CNN: Review of 20,000 studies shows vaccines are safe and necessary
posted at 10:41 am on July 1, 2014 by Ed Morrissey
Notorious anti-vaccine activist Jenny McCarthy just got cut from The View, so it’s too bad this din’t come up sooner. CNN even calls McCarthy out by name in reporting on a new review from the medical journal Pediatrics of more than 20,000 studies on vaccines for children. The review shows that vaccines have no connection to autism, are very safe, and have very few side effects, and almost all of those temporary:
Children should get vaccinated against preventable and potentially deadly diseases. Period.
That’s what a review of more than 20,000 scientific studies on childhood vaccines concludes this week. The review appears in the latest edition of the medical journal Pediatrics.
The evidence strongly suggests that side effects from vaccines are incredibly rare, the study authors said. They found no ties between vaccines and the rising number of children with autism, as a small but vocal group of anti-vaccine activists, including actors Jenny McCarthy and Jim Carey [sic], have said.
Elizabath Cohen explains why those who opt out put more people at risk:
An increasing number of parents over the years have opted out of getting their children vaccinated. And that may be having a negative impact on the community’s health.
A study found that large clusters of children who had not been vaccinated were close to the large clusters of whooping cough cases in the 2010 California epidemic. While California typically has higher vaccination rates than the rest of the country, that state is dealing with yet another whooping cough epidemic.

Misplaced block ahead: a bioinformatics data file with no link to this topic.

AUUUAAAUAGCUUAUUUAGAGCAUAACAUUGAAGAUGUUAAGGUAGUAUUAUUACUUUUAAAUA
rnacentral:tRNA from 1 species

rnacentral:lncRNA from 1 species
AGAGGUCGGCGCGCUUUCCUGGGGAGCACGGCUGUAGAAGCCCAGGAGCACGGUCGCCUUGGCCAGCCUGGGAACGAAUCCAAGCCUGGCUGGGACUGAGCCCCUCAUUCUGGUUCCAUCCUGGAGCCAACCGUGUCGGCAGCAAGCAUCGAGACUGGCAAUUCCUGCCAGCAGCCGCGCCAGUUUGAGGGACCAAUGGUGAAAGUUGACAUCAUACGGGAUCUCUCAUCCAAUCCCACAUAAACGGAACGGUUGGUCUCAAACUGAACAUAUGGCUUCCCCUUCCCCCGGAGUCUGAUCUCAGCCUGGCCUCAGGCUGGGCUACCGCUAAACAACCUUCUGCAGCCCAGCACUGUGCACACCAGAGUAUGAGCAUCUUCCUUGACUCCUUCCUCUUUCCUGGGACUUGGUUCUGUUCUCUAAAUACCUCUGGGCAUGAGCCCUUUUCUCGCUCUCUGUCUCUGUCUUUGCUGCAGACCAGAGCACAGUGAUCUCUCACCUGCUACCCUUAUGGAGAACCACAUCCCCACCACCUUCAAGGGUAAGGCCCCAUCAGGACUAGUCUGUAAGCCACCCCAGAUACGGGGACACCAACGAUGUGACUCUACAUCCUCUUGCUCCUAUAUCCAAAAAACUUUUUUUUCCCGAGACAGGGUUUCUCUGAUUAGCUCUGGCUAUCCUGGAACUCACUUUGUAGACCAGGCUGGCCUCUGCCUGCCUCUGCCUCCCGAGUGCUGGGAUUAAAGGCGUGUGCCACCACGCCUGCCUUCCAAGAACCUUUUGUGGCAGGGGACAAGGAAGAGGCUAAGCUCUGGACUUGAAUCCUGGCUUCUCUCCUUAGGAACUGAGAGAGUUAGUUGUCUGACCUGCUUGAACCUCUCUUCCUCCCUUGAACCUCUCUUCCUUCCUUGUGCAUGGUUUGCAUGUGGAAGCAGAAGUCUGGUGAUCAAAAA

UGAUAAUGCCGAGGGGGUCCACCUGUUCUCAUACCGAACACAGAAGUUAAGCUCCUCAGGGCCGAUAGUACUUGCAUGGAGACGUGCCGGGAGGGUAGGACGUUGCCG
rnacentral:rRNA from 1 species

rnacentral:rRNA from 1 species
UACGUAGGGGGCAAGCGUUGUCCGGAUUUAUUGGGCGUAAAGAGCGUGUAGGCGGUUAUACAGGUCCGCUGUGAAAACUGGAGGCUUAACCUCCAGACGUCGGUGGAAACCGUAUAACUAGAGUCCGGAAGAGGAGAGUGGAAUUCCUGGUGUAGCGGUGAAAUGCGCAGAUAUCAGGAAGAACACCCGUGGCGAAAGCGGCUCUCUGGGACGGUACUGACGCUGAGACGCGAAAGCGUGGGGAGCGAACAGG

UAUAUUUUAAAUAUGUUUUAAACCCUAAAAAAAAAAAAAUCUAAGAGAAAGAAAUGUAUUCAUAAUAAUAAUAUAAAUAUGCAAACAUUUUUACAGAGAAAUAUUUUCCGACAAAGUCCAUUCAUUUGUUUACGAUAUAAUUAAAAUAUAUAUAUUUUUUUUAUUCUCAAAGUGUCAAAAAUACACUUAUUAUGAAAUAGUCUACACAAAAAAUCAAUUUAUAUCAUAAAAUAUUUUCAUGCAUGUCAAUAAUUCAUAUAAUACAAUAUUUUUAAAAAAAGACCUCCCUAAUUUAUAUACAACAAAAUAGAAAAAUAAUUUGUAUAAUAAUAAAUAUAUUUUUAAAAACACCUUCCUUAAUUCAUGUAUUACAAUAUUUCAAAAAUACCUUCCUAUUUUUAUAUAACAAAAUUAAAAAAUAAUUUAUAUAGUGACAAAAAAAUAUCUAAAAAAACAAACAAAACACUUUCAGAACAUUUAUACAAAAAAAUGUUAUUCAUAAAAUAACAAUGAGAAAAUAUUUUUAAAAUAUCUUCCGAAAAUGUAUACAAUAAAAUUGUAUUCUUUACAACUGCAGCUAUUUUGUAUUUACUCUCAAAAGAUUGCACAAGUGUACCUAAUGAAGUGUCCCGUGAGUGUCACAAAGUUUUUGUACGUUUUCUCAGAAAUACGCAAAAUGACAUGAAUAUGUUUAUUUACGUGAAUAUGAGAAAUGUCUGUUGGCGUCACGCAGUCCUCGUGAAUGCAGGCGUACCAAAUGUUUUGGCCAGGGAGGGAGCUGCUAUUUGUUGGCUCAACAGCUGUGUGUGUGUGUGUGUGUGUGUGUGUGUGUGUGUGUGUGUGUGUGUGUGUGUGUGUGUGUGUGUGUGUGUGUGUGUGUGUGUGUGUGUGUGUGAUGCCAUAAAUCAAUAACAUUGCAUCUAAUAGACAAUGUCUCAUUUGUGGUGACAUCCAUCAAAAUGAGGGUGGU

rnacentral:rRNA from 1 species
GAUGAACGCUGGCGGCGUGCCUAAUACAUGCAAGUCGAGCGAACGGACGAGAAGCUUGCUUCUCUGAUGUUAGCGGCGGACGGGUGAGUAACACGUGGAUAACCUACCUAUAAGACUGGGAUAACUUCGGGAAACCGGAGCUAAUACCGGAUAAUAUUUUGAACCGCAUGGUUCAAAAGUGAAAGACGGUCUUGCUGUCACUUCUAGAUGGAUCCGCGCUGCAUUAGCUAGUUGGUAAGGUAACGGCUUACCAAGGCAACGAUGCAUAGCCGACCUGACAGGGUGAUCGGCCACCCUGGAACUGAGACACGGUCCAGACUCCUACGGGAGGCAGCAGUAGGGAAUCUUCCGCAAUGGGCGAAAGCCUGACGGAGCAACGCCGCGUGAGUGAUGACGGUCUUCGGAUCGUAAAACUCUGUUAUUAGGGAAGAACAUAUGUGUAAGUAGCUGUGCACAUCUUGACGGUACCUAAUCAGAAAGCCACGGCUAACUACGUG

This spring also saw an 18-year high number of measles cases in the United States. The largest outbreak was in Ohio where the virus spread quickly among the Amish, who are mostly unvaccinated. This outbreak was a real surprise to health officials who thought that the infectious disease was thought to have been eliminated from the United States in 2000.
The state of Washington also had a major outbreak of measles this spring. The state does not require vaccinations for children entering schools, although unvaccinated children can be barred from classes during outbreaks. KIRO-TV reported on this last week, and interviewed a father who has refused to vaccinate his children:
Kids don’t like shots, it’s true; I was frightened of needles as child, too. Measles, mumps, and the whooping cough are a heck of a lot worse than a needle.